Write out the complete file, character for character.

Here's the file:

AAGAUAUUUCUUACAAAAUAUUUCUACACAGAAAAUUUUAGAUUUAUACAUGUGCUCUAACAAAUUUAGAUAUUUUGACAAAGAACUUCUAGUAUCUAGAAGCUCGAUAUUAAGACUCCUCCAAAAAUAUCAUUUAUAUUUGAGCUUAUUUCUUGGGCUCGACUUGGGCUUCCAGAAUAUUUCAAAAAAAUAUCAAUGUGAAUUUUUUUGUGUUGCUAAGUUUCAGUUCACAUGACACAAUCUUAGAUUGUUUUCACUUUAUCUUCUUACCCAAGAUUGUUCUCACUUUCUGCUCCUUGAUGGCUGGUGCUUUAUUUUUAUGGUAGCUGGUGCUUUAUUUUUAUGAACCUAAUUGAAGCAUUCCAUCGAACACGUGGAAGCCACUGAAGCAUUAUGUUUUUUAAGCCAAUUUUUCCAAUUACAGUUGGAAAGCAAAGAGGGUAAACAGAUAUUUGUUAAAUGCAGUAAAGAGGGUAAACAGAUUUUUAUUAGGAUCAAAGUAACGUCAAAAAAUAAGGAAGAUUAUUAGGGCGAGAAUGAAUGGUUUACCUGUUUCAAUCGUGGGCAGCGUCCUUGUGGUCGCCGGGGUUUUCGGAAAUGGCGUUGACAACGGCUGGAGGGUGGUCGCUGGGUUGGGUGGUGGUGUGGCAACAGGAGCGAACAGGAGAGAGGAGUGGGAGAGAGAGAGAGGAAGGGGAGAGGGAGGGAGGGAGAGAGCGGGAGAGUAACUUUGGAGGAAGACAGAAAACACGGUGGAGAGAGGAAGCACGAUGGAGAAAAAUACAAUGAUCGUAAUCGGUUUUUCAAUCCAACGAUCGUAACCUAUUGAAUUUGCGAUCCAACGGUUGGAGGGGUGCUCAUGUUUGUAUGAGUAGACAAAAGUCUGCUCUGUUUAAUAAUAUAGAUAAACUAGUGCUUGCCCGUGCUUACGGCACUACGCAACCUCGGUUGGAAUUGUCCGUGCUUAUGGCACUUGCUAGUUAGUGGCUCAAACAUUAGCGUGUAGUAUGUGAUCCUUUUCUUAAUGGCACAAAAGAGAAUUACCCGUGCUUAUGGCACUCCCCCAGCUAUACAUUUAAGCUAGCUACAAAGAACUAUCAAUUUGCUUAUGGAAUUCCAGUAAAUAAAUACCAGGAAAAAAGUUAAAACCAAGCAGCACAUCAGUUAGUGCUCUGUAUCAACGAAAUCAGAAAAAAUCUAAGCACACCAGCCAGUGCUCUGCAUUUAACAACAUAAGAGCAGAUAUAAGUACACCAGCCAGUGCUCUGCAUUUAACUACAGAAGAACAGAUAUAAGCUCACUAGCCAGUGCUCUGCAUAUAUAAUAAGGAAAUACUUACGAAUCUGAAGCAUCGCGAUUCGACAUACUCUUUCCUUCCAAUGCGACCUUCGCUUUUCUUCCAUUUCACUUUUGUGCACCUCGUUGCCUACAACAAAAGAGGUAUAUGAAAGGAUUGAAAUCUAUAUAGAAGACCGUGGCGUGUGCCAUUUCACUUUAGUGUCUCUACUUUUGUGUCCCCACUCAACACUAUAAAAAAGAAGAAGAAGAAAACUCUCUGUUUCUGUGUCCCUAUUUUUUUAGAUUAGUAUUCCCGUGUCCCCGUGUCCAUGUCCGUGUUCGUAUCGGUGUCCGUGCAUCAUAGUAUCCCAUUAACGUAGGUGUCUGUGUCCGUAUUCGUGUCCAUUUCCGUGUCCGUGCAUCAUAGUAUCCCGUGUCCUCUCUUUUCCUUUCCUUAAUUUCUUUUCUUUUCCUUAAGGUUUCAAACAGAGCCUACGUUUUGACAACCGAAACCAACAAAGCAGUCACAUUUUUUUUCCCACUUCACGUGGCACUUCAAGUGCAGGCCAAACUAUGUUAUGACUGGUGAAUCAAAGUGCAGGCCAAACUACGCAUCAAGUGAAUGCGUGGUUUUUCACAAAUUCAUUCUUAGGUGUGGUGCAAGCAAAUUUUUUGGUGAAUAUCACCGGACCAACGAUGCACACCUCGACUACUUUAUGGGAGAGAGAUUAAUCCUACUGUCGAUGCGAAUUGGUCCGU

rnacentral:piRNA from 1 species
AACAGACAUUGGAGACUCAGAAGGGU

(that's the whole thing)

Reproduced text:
AAGAUAUUUCUUACAAAAUAUUUCUACACAGAAAAUUUUAGAUUUAUACAUGUGCUCUAACAAAUUUAGAUAUUUUGACAAAGAACUUCUAGUAUCUAGAAGCUCGAUAUUAAGACUCCUCCAAAAAUAUCAUUUAUAUUUGAGCUUAUUUCUUGGGCUCGACUUGGGCUUCCAGAAUAUUUCAAAAAAAUAUCAAUGUGAAUUUUUUUGUGUUGCUAAGUUUCAGUUCACAUGACACAAUCUUAGAUUGUUUUCACUUUAUCUUCUUACCCAAGAUUGUUCUCACUUUCUGCUCCUUGAUGGCUGGUGCUUUAUUUUUAUGGUAGCUGGUGCUUUAUUUUUAUGAACCUAAUUGAAGCAUUCCAUCGAACACGUGGAAGCCACUGAAGCAUUAUGUUUUUUAAGCCAAUUUUUCCAAUUACAGUUGGAAAGCAAAGAGGGUAAACAGAUAUUUGUUAAAUGCAGUAAAGAGGGUAAACAGAUUUUUAUUAGGAUCAAAGUAACGUCAAAAAAUAAGGAAGAUUAUUAGGGCGAGAAUGAAUGGUUUACCUGUUUCAAUCGUGGGCAGCGUCCUUGUGGUCGCCGGGGUUUUCGGAAAUGGCGUUGACAACGGCUGGAGGGUGGUCGCUGGGUUGGGUGGUGGUGUGGCAACAGGAGCGAACAGGAGAGAGGAGUGGGAGAGAGAGAGAGGAAGGGGAGAGGGAGGGAGGGAGAGAGCGGGAGAGUAACUUUGGAGGAAGACAGAAAACACGGUGGAGAGAGGAAGCACGAUGGAGAAAAAUACAAUGAUCGUAAUCGGUUUUUCAAUCCAACGAUCGUAACCUAUUGAAUUUGCGAUCCAACGGUUGGAGGGGUGCUCAUGUUUGUAUGAGUAGACAAAAGUCUGCUCUGUUUAAUAAUAUAGAUAAACUAGUGCUUGCCCGUGCUUACGGCACUACGCAACCUCGGUUGGAAUUGUCCGUGCUUAUGGCACUUGCUAGUUAGUGGCUCAAACAUUAGCGUGUAGUAUGUGAUCCUUUUCUUAAUGGCACAAAAGAGAAUUACCCGUGCUUAUGGCACUCCCCCAGCUAUACAUUUAAGCUAGCUACAAAGAACUAUCAAUUUGCUUAUGGAAUUCCAGUAAAUAAAUACCAGGAAAAAAGUUAAAACCAAGCAGCACAUCAGUUAGUGCUCUGUAUCAACGAAAUCAGAAAAAAUCUAAGCACACCAGCCAGUGCUCUGCAUUUAACAACAUAAGAGCAGAUAUAAGUACACCAGCCAGUGCUCUGCAUUUAACUACAGAAGAACAGAUAUAAGCUCACUAGCCAGUGCUCUGCAUAUAUAAUAAGGAAAUACUUACGAAUCUGAAGCAUCGCGAUUCGACAUACUCUUUCCUUCCAAUGCGACCUUCGCUUUUCUUCCAUUUCACUUUUGUGCACCUCGUUGCCUACAACAAAAGAGGUAUAUGAAAGGAUUGAAAUCUAUAUAGAAGACCGUGGCGUGUGCCAUUUCACUUUAGUGUCUCUACUUUUGUGUCCCCACUCAACACUAUAAAAAAGAAGAAGAAGAAAACUCUCUGUUUCUGUGUCCCUAUUUUUUUAGAUUAGUAUUCCCGUGUCCCCGUGUCCAUGUCCGUGUUCGUAUCGGUGUCCGUGCAUCAUAGUAUCCCAUUAACGUAGGUGUCUGUGUCCGUAUUCGUGUCCAUUUCCGUGUCCGUGCAUCAUAGUAUCCCGUGUCCUCUCUUUUCCUUUCCUUAAUUUCUUUUCUUUUCCUUAAGGUUUCAAACAGAGCCUACGUUUUGACAACCGAAACCAACAAAGCAGUCACAUUUUUUUUCCCACUUCACGUGGCACUUCAAGUGCAGGCCAAACUAUGUUAUGACUGGUGAAUCAAAGUGCAGGCCAAACUACGCAUCAAGUGAAUGCGUGGUUUUUCACAAAUUCAUUCUUAGGUGUGGUGCAAGCAAAUUUUUUGGUGAAUAUCACCGGACCAACGAUGCACACCUCGACUACUUUAUGGGAGAGAGAUUAAUCCUACUGUCGAUGCGAAUUGGUCCGU

rnacentral:piRNA from 1 species
AACAGACAUUGGAGACUCAGAAGGGU